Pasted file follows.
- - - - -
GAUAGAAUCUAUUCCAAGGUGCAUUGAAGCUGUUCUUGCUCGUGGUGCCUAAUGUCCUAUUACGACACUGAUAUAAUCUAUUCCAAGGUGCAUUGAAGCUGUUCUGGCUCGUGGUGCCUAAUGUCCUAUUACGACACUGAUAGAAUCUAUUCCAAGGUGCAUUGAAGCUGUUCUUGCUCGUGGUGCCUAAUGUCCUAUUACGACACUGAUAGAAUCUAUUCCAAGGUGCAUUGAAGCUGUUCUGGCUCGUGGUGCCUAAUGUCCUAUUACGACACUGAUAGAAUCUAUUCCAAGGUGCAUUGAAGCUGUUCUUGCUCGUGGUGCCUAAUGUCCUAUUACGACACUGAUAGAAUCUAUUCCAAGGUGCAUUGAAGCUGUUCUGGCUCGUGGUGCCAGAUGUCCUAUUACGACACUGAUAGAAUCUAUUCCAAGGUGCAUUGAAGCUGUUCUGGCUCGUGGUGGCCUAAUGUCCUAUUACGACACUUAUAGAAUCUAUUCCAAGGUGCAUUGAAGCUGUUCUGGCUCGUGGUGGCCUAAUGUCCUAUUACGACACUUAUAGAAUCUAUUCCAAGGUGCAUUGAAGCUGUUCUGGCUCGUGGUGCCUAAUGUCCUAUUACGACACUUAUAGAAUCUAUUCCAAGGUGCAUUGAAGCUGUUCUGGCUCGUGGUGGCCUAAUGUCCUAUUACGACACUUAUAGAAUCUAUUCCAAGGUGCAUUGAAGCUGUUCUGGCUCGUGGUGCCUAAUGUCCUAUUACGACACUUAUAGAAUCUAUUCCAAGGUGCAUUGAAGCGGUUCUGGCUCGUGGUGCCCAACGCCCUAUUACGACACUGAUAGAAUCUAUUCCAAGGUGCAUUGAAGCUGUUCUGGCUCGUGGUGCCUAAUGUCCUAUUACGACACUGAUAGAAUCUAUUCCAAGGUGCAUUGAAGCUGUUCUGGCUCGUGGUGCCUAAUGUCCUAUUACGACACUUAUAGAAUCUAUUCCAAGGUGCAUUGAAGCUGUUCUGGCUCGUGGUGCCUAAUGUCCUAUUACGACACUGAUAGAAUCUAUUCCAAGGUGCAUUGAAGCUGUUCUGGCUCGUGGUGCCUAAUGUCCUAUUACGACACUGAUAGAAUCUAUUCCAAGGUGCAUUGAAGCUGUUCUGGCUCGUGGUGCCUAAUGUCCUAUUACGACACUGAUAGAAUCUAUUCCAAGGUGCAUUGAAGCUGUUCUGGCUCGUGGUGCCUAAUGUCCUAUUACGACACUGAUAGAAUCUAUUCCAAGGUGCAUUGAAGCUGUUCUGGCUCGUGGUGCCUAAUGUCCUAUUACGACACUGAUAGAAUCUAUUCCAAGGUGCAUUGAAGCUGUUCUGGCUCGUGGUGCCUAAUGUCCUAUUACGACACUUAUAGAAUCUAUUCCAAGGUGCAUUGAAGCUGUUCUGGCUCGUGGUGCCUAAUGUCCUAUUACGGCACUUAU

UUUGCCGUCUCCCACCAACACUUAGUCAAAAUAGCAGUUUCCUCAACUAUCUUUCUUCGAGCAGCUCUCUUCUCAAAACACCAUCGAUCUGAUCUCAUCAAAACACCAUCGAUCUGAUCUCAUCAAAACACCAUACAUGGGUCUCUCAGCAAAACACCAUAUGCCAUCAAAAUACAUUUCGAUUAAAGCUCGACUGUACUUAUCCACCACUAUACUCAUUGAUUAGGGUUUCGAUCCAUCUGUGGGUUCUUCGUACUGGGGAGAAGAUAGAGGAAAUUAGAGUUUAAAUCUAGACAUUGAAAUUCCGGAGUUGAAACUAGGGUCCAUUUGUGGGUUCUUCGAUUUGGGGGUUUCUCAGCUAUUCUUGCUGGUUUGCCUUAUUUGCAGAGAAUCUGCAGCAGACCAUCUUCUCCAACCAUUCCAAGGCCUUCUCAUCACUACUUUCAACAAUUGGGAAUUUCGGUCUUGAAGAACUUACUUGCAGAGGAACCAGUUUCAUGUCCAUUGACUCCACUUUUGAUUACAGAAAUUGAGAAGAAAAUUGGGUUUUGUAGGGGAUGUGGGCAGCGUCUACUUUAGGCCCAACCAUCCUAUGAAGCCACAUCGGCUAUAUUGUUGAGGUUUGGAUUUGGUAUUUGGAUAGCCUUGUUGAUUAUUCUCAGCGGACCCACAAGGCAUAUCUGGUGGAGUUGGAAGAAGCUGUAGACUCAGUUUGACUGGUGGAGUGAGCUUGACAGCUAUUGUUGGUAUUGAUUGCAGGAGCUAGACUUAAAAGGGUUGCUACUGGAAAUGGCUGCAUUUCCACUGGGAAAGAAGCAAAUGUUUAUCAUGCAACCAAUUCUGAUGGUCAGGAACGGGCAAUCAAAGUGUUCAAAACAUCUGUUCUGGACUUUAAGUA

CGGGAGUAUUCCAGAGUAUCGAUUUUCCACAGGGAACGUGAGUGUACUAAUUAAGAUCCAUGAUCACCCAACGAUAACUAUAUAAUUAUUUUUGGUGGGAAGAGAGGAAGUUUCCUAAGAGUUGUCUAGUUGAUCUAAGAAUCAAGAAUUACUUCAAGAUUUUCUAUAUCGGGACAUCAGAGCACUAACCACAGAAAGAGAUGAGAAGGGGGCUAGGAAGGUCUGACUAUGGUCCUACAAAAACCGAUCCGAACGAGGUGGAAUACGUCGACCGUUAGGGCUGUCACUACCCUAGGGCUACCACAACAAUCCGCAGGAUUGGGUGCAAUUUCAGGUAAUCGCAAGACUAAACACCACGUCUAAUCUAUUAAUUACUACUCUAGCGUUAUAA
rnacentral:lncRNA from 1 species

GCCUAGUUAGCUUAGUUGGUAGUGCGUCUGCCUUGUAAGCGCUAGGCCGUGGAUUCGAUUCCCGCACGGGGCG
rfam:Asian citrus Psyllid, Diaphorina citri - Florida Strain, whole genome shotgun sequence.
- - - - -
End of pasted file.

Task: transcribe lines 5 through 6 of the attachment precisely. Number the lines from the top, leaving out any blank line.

GCCUAGUUAGCUUAGUUGGUAGUGCGUCUGCCUUGUAAGCGCUAGGCCGUGGAUUCGAUUCCCGCACGGGGCG
rfam:Asian citrus Psyllid, Diaphorina citri - Florida Strain, whole genome shotgun sequence.